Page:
In the course of my career, I’ve seen huge changes in higher education, and the topics range from … the professionalization of intercollegiate athletics, I’ve seen tremendous changes in financial aid that the privates, and now the publics, are making to make higher education accessible.
I think we’ve seen considerably more regulation in higher education, whether we are talking about Title IX or other issues where we are held increasingly accountable for what we do.
We have, and I think many colleges have had, to add a staff person in our HR office to ensure that we’re able to comply with Title IX regulations. We’ve had to be much more cognizant of whether our graduates are getting into graduate programs and getting jobs because of the reporting requirement.
Finally is technology. I can remember when we had those big computers that were so large that they take up the size of the room. And now to have wireless technology, to be able to connect in the way we do on social media, to have info available at our fingertips has really changed the way we work, the way we educate our students, the services we provide.
We are very lucky in America to have such rich diversity of American higher education. Whether it’s community college or the HBCU or the women’s or men’s college or the large Research I institution... That diversity is really important to ensure that we can meet the needs of all students with all kinds of learning styles.
What was your worst moment as a college president, and how did you rebound from that?
GRAY: One of the things that I was told in my first presidency was that being a college president was a little bit like being on a seesaw … and you have to be careful to not get too high with the highs and too low with the lows. Understand what happened, develop a plan to fix it, and put your whole energy into addressing it and moving on and not getting stuck in a bad moment. And that advice has served me very well.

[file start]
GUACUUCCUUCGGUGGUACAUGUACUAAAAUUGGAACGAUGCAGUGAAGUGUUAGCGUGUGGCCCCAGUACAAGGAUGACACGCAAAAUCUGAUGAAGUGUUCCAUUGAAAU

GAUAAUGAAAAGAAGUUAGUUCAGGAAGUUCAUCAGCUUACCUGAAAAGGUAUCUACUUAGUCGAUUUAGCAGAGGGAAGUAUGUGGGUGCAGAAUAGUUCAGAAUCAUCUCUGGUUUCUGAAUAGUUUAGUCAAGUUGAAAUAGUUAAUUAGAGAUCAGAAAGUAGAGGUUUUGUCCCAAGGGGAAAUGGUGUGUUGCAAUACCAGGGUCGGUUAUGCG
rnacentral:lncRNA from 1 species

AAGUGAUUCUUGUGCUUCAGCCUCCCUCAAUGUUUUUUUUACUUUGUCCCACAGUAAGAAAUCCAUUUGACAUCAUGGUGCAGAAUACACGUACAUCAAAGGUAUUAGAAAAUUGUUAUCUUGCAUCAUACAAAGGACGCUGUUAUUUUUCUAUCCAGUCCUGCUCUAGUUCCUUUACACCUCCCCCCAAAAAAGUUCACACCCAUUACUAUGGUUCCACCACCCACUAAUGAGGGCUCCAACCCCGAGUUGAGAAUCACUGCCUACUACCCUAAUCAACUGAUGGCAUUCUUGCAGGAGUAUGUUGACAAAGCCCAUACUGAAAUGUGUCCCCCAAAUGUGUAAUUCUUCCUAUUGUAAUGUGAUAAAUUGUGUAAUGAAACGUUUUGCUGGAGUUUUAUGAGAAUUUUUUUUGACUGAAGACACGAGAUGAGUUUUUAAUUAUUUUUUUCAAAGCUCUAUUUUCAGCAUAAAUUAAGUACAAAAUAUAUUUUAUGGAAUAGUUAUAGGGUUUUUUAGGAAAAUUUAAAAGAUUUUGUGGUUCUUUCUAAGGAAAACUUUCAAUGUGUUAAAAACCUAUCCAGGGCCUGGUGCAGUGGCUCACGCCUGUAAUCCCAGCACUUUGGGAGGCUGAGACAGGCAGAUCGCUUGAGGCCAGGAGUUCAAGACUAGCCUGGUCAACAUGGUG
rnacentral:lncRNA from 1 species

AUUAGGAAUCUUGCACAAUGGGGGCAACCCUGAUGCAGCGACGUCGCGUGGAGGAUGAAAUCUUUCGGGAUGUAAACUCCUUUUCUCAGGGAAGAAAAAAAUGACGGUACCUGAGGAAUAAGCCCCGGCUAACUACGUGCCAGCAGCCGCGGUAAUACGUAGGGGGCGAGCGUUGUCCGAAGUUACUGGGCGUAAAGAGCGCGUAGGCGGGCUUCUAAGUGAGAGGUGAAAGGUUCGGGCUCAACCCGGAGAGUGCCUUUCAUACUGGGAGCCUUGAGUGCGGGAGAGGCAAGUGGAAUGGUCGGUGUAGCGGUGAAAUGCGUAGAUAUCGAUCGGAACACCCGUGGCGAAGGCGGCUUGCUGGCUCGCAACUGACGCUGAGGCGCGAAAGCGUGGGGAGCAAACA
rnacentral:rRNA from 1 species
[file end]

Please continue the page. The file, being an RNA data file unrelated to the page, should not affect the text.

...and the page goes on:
The toughest moments have been in the years where our enrollment was not as high as we’d hoped, either because the incoming class was small or because we had not retained as many students.
The other tough moments that I remember have been the loss of faculty members or students. Nothing is worse than losing a student or faculty member or beloved staff member. It has been often communicating what we know and what we can and being as transparent about that as we can.
You’ve recently experienced some controversy over comments you made being taken outside of the way you originally intended them. What advice do you have for college leaders who may face similar situations?
GRAY: I think the college president has to understand the significance of his or her rhetoric and to be as thoughtful as possible, as accurate as possible, about what is said and the choice of words. And if something that we thought was well-worded is misinterpreted or maybe not interpreted as the speaker had hoped, then I think you have to work with people to listen to what they heard and really understand how your words were misinterpreted, and really work to clarify your intention and your meaning. And sometimes you may have to apologize. And then you move on. But it starts with listening and putting yourself in the shoes of the listener.
What’s next for you as you look ahead to retirement?
GRAY: I love higher education. I’ve had a wonderful career, and I want to continue to give back as much as I can. I’ll be available to, certainly those institutions where I have worked, but other colleges and universities where I can help them and make a difference, so I am going to go into consulting.